Milkman returns to the town. He meets a prostitute named Sweet, a kind and simple woman. He stays in her house and has sex with her at nights and investigates his family roots daily. He finds Ms. Byrd, an elderly lady who is willing to talk, but doesn’t know where to start. When he returns to Sweet after his first day of searching, Guitar attacks him again. Now he bothers to vocalize the reason: all that time Guitar was thinking that Milkman have already found the gold and just don’t want to share as he promised. So now he wants to know where the gold is. Milkman fights back and repels Guitar again, but now he understands that his friend is totally crazy and isn’t going to listen to the truth.

Suddenly Milkman hears the children playing around and singing the song that Pilate sang to him. Finally he finds a clue to his origins. Next day he returns to Ms. Byrd asking her about the song and the conversation starts.

Milkman starts to gather the pieces of his family history and discovers that Jake descended from the African half-legendary hero Solomon, who built himself a pair of wings to fly away from slavery. Solomon tried to take Jake with him to fly away, but didn’t succeed. So he abandoned him, his wife Ryna and their more than twenty kids, escaping alone. Ryna went mad (just like Hagar in present) and her kids had to be adopted by strangers. Jake was taken by a man named Heddy, who already had a daughter, Sing. Later, stepsiblings married.

This story, though mythical, left a permanent scar on all the family members. They are destined to be who they are, with all their misfortunes, being emotionally dull, facing insanity after ruining relationships and the permanent desire to fly.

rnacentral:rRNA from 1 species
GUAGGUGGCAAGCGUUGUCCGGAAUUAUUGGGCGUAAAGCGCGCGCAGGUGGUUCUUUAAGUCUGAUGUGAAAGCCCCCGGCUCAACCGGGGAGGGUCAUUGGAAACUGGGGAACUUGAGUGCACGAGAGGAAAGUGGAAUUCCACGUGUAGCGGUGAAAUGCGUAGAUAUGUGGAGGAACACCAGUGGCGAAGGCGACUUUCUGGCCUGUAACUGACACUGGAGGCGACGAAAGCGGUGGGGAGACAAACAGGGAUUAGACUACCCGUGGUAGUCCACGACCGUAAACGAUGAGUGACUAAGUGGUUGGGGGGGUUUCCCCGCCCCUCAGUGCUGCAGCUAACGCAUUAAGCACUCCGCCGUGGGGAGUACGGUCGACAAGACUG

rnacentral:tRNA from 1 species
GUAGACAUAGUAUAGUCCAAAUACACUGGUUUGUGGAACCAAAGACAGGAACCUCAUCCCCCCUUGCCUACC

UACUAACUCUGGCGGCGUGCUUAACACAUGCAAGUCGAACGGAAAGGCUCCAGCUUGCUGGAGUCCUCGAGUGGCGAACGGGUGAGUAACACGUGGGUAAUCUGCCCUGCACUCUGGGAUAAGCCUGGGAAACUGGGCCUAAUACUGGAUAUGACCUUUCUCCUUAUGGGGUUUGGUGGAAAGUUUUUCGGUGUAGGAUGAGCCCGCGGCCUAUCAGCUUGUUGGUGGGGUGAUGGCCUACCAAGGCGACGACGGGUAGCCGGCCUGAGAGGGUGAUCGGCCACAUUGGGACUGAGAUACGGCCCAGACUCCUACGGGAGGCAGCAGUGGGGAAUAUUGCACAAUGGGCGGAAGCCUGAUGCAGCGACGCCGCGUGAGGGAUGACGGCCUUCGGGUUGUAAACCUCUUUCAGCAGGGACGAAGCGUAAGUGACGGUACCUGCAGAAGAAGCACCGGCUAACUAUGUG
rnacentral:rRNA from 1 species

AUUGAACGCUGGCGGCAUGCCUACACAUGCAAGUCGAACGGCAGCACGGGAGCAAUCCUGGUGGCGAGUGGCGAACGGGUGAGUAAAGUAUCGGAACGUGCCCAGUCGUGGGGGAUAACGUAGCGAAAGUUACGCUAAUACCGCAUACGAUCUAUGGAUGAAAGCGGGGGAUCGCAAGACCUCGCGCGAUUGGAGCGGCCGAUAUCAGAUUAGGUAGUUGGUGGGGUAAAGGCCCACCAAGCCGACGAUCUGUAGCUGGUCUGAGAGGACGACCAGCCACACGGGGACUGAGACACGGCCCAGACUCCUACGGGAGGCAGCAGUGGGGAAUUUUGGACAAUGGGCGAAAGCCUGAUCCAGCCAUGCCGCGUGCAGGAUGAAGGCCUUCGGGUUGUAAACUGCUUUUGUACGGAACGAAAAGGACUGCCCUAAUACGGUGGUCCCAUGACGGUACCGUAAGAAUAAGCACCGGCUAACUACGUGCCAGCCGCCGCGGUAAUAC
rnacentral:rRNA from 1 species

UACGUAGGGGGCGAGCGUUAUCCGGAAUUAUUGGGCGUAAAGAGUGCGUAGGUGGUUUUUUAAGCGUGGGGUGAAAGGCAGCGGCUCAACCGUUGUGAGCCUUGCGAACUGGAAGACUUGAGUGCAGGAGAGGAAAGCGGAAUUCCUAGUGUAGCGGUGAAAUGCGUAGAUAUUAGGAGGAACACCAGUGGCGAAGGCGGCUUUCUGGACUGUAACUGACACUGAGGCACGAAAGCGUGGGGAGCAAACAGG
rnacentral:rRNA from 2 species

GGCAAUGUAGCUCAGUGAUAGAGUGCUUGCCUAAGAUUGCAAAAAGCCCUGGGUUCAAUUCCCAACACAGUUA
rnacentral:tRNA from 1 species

In the meanwhile, back in Milkman’s home, Hagar gets worse and worse. She convinces herself that she just wasn’t beautiful enough for Milkman. She constantly demands that Pilate sells her family ring with diamond and gives her the money. When Pilate finally does, Hagar buys herself fancy dresses, makeup and accessories - but she is so immersed in her delusions that doesn’t even notice that she returns home under a heavy rain. She enters the house frozen to half-death, shaking - but when her mother tries to warm her, Hagar finally notices that all her fancy outfits are completely and irreversibly ruined by water. She goes hysterical and locks in her room. Hypothermy causes a fever and, not willing to live anymore, Hagar easily succumbs to it, dying in mere days to Pilate’s unspeakable grief.

So, when Milkman, finally abandoning the search of gold, returns home with something more precious for him now - the family story - he is greeted with a bottle crushed over his head. Unconscious, Milkman is locked in his room by furious Pilate, who blames him for the insanity and death of her daughter. After a while, Pilate finally agrees to listen to him and she is warmed up to him after she hears the story. Pilate agrees to travel with Milkman to Shalimar and bury the remains of her father there, where he once belonged. They make a long way and indeed bury Macon I on the peak named Solomon’s Leap - the place from which Solomon flew away. But right after the burial Guitar shows up again and tries to shoot Milkman, hitting Pilate instead. The kindest and the most reasonable person in the whole story, the only one who managed to overcome the family curse is now dying in her nephew’s arms. The last thing we see in the story is Milkman, screaming Guitar’s name and leaping towards his enemy from the peak. The final lines are obscure, but it seems that his newfound origins finally gave Milkman the ability to fly. The family curse made a full circle and now can be broken.